The three-year old’s case was bursting with bad judgement and poor police work.
Riley Fox via murderpedia.org
Kevin Fox walked solemnly into the Will County Courthouse main court, wearing a red jumpsuit and ankle shackles. Just five months earlier his life had been perfect, but now he was facing a first-degree murder charge and the death penalty, for the murder of his little girl, Riley.
Kevin and his wife Melissa had met at school and soon after, the couple became pregnant with their first child, Tyler. After their wedding, Riley came along and by 2001, their family unit was complete.
On the 6th of June 2004, Melissa was at an overnight charity walk in Chicago and Kevin was at a concert with his friend and Melissa’s brother. Tyler and Riley were spending the evening with their grandmother, and Kevin picked them up around 1 am after the gig.
Exhausted after a long day, Kevin didn’t have the energy to sort out the children’s beds and instead left the two sleeping children in the front room on the sofas. He then went upstairs, but the night was hot and it was difficult to sleep, so instead Kevin ate and watched television for a while. He eventually retired to bed around 2.30 am.
Later that morning, Kevin and the children had planned to meet Melissa at the finish line of her walk, but that idea immediately changed, when Tyler awoke his father to tell him Riley was missing.
The three-year-old wasn’t known to wander off on her own, so trying not to overdramatize the disappearance, Kevin began to calmly search the house for his daughter. When he realised she wasn’t in the home, he called the non-emergency hotline to report Riley missing. Within an hour, the whole community was looking for the little girl. Kevin had called Melissa to tell her about Riley’s disappearance and she arrived soon after, speeding from Chicago to Wilmington. By the afternoon, a task force of 500 residents was on the hunt for the missing child, but by 3 pm the search had ended.
A mother and her daughter had decided to look for Riley in Forsythe Woods, near Kankakee River. Riley was floating face down in the water in her dirty clothing. Her mouth was covered in duct tape and there was remanence of the sticky gum on her arms. Her autopsy would later show that the little girl had been sexually abused and had likely died from drowning. There was some bruising to Riley’s head and when samples of foreign DNA were taken from her, a saliva test of the little girl’s vagina was determined to be ‘inconclusive’.
At the beginning of the investigation into Riley’s death, Will County detectives appeared supportive to the couple who’d just lost their child in horrific circumstances. They were among the mourners at Riley’s funeral and showed their sympathies to the family, but the police in attendance weren’t there for compassion; they were watching Kevin Fox.
While it’s normal for the family of the victim to be questioned, son Tyler was interviewed for over an hour, during which investigators watched from the other side of the one-way mirror. He was finally taken home after answering questions about his father and whether he’d taken Riley that night. The boy had been so upset that he’d cried and struggled to catch his breath throughout the interview.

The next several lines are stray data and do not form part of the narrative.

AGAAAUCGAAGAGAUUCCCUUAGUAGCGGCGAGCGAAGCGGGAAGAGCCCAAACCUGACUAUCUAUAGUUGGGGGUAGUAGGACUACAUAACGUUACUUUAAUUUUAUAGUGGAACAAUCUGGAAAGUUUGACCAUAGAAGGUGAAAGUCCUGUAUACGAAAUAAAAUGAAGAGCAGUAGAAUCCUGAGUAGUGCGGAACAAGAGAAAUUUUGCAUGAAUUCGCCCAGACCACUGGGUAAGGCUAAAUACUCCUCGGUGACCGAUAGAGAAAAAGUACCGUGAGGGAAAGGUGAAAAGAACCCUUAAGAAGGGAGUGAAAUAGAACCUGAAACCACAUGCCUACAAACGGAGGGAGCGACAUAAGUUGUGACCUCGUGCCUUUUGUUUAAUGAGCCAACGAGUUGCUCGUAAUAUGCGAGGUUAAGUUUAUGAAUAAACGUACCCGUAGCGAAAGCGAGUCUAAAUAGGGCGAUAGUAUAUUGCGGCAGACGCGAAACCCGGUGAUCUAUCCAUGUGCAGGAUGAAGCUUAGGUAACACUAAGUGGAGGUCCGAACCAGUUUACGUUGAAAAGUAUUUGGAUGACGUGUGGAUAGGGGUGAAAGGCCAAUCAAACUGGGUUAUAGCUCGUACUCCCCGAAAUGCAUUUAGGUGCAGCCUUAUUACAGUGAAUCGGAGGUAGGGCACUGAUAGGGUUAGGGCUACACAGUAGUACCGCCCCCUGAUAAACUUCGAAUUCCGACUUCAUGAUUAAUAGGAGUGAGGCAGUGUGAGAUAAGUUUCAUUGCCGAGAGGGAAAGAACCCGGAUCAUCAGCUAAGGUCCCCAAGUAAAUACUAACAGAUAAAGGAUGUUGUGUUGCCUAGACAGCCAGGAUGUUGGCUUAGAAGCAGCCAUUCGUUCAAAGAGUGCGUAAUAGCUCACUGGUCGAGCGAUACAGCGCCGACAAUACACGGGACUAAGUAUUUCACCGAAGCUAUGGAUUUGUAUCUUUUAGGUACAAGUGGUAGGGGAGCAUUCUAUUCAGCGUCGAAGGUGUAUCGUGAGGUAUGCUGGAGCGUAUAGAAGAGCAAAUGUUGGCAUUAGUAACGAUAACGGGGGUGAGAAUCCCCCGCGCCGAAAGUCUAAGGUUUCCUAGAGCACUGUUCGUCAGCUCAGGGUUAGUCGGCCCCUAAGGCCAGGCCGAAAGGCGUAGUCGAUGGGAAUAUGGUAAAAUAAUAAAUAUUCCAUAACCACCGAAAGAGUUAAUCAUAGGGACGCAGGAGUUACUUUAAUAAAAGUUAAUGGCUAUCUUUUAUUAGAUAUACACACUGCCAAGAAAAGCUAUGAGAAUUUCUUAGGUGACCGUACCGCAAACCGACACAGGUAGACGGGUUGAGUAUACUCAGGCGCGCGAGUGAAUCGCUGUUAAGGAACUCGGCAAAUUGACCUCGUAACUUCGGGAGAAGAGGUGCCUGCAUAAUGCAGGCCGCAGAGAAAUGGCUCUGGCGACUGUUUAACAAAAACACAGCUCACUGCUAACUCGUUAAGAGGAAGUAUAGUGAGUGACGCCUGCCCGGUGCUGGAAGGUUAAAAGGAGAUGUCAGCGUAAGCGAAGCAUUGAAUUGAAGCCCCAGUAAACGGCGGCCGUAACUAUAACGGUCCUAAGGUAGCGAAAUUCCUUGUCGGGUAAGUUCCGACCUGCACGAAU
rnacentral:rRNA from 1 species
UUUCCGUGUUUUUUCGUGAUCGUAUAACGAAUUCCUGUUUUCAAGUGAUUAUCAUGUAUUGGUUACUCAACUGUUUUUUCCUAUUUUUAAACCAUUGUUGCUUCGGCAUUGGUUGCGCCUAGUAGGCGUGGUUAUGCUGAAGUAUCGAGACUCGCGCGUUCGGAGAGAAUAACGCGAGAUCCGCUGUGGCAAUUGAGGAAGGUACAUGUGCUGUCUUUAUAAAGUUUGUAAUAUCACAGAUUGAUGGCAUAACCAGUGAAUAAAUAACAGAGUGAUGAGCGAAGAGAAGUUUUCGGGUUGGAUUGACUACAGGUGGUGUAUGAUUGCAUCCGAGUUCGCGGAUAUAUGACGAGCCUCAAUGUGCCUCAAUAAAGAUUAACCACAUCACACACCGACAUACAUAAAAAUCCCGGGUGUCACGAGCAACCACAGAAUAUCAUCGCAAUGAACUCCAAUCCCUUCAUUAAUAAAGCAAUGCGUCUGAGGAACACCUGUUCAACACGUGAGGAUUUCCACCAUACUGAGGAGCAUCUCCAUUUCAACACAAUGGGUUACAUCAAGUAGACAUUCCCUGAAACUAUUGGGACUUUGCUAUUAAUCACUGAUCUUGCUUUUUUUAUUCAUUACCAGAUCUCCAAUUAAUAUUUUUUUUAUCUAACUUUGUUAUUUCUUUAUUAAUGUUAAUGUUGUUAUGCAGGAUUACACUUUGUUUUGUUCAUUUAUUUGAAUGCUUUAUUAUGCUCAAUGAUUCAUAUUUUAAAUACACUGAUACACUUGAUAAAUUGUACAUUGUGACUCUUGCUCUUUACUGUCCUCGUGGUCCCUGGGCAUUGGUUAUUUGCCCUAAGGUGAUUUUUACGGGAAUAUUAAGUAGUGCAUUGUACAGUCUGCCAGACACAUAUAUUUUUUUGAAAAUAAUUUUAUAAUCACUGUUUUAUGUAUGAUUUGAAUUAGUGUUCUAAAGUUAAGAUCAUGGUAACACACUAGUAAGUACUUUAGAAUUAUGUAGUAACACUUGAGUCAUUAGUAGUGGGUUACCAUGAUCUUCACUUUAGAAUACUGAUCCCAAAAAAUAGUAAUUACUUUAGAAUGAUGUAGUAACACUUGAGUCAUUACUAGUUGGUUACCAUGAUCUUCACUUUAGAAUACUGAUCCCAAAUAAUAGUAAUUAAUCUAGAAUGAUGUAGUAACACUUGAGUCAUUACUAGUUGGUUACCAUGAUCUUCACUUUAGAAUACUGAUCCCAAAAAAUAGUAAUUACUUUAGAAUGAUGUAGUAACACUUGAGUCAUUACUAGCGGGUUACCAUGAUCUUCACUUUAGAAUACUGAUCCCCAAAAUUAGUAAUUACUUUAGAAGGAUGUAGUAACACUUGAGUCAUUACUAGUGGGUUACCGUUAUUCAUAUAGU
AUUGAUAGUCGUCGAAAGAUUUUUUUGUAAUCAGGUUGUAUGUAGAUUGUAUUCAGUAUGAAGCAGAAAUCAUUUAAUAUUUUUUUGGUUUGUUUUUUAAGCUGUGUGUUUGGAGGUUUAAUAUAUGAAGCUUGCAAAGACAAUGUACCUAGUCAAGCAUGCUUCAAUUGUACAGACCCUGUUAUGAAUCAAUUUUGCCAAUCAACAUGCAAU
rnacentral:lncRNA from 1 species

Back at home, Tyler told a detective that his father ‘took Riley somewhere’ that night, but struggled with details when questioned further. The detective also reported that Tyler claimed to see his father in the kitchen, cleaning his clothes after he’d returned that night. The police also had video footage from a gas station in town, that showed a blue Ford Escape — the car that Kevin drove — driving around at 4 am on the morning of the 7th of June.
By October, Kevin Fox was now the prime suspect in his daughter’s murder. Rumours of lavish vacations and trips to Las Vegas the family had taken had spiralled around the community, and the media began to turn against the Foxes. New cars were bought, and no reward was ever offered. From the outside, something wasn’t adding up. It was time to bring the father in.
Kevin was told by a detective that there had been news in Riley’s case and that he and Melissa should come into the station. He told his parents of the potential development, but they were concerned — it didn’t feel right.
While Melissa was taken to an area to answer some more questions, Kevin was sent into a small room full of investigators, and the interrogation began.
They wanted to know why he hadn’t called 911, and instead called the non-emergency hotline on the morning Riley went missing. They wanted to know why he had been spotted at 4 am, driving in his car.
The questioning went on for hours, and detectives eventually told Kevin to take a polygraph test to clear his name. By then, the painter had been up nearly 24 hours and was exhausted. An hour later at 1 am, Kevin was told he’d failed the exam.
The interrogation continued, where Kevin later claimed he was shown photos of his dead daughter, just after she’d been fished out of the water. After almost 12 hours of questioning, little sleep or food, Kevin Fox was told that if he admitted to involuntary manslaughter, he could go home on bond and likely only serve a few years in prison. He took the deal.
His taped confession lasted just 20 minutes, telling the detective that he’d accidentally hit his daughter in the head with a door and thought she was dead. He told them that he’d grabbed the duct tape from the house and put the lifeless Riley into his car and driven her to the woods, where he’d used his finger to make it look like she’d been assaulted. He told them he was guilty of killing his daughter.
Kevin wasn’t given bail he was told he’d get, and instead was taken to Will County Adult Detention Center, where he was now facing a murder charge and the death penalty. Kathleen Zellner, known for her involvement in Making a MurdererSteven Avery’s case, became involved early in the trial.
The lawyer immediately began to pull apart her client’s statement. The door Kevin claimed he’d hit his daughter with was thin and to get the bruising found on Riley’s head would have needed much more force. Another oddity was that Kevin knew CPR — if his daughter wasn’t breathing, why didn’t he try and save her?